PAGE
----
New York City, the new role model for health departments worldwide, has adopted another food-safety requirement for restaurants. Mayor Michael Bloomberg signed a bill yesterday that will require all restaurants in the city to display posters aimed at educating staffs about the dangers of food allergies, according to the Food Allergy Initiative.
Restaurants that fail to post the placard in a place viewable by employees would be subject to $100 fines, according to a draft posted by New York City Council speaker Chris Quinn. The measure didn’t indicate whether eateries would be given the posters or would have to buy them.
FAI announced this morning that it will collaborate with the Department of Health and Mental Hygiene to develop the poster. The placard will also be translated into Spanish, Chinese, Korean and Russian languages, to reflect the diversity of New York’s foodservice workforce.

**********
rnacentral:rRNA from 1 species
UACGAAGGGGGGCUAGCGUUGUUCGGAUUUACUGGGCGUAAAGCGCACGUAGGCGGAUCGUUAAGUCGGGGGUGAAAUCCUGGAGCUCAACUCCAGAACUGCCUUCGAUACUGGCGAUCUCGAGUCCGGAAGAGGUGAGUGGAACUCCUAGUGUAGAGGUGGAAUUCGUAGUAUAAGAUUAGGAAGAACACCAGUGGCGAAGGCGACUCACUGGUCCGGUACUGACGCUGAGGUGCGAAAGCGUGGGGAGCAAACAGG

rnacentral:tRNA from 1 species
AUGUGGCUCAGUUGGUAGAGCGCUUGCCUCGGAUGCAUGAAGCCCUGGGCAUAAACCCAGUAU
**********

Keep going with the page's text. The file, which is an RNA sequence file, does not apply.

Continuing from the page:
A statement from the mayor was posted today on his website.
Lately, the city’s health department has become the standard-seter for similar operations as far away as London. It banned trans fat use by restaurants, and the trend quickly swept westward. It mandated that calorie counts be posted on chain menus, and everyplace from Philadelphia to California followed suit. Indeed, its decision to address salt content in chain-restaurant food was regarded as a development with national implications.
Is there any doubt that more allergy-related requirements are going to follow in the wake of New York's measure? At least that initiative seems like a relatively effortless one.